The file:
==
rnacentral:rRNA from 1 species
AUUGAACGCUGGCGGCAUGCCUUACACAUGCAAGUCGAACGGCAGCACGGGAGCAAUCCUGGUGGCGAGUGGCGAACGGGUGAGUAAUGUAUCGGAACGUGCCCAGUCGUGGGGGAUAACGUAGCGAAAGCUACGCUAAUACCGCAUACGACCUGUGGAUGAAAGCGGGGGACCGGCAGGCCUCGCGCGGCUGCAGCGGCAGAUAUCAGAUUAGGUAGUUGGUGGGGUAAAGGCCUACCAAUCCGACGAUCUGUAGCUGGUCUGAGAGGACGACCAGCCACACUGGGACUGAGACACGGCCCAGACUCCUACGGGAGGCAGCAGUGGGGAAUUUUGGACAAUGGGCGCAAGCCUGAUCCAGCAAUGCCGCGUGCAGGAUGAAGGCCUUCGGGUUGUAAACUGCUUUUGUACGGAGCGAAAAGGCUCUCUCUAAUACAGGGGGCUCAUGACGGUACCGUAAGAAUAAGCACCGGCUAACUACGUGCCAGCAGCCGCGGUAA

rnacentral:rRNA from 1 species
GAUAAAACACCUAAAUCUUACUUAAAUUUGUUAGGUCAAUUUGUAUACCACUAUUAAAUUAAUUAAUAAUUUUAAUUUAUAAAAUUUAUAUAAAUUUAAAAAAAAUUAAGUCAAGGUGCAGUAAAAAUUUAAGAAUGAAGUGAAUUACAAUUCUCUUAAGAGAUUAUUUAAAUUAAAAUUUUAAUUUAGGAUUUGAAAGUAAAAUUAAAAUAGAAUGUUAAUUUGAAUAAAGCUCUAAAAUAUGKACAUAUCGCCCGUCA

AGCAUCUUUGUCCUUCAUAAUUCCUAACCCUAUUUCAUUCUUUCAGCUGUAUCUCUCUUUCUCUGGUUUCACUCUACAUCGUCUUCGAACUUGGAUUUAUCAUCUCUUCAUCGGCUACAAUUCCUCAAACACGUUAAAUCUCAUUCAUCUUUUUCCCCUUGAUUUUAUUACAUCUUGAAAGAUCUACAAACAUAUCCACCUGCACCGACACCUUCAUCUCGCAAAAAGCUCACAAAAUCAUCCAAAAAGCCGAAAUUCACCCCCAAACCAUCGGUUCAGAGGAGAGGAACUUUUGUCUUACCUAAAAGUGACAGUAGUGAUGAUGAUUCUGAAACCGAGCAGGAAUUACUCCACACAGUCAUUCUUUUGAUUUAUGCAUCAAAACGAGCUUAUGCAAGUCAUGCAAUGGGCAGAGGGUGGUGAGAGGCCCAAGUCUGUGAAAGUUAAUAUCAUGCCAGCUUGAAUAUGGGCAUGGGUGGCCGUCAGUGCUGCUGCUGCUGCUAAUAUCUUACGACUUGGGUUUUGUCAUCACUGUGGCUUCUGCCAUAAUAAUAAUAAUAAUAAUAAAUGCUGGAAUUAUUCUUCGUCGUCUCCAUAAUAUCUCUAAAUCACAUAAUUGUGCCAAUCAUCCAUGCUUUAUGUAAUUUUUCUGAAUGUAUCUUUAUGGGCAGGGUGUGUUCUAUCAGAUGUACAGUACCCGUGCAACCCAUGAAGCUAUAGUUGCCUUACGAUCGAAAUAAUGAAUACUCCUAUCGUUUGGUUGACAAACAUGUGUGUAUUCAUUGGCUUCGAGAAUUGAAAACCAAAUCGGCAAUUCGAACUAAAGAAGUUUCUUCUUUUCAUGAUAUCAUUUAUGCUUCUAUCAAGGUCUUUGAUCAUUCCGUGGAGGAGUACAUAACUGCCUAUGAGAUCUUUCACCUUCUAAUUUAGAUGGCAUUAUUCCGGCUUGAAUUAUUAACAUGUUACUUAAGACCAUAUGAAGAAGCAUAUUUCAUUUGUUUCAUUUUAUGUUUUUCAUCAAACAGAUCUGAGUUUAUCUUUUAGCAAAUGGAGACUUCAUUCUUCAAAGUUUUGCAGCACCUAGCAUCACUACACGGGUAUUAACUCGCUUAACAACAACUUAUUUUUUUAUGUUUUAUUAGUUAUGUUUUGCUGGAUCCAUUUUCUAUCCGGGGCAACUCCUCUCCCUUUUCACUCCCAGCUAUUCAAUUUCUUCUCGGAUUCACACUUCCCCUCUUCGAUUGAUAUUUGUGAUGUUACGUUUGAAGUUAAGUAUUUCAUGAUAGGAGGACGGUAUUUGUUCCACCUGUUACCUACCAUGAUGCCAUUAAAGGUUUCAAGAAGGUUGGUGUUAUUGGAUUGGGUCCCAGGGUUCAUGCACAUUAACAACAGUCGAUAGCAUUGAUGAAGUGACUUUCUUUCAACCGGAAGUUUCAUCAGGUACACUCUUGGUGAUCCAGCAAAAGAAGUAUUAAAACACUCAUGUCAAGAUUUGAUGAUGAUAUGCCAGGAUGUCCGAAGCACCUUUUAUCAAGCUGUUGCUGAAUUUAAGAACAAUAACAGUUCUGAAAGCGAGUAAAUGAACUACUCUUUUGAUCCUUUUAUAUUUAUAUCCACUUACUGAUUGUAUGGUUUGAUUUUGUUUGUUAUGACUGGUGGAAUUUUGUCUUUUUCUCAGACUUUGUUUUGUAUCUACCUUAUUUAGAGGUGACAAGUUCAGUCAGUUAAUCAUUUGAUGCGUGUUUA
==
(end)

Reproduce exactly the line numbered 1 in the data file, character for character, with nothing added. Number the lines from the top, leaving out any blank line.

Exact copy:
rnacentral:rRNA from 1 species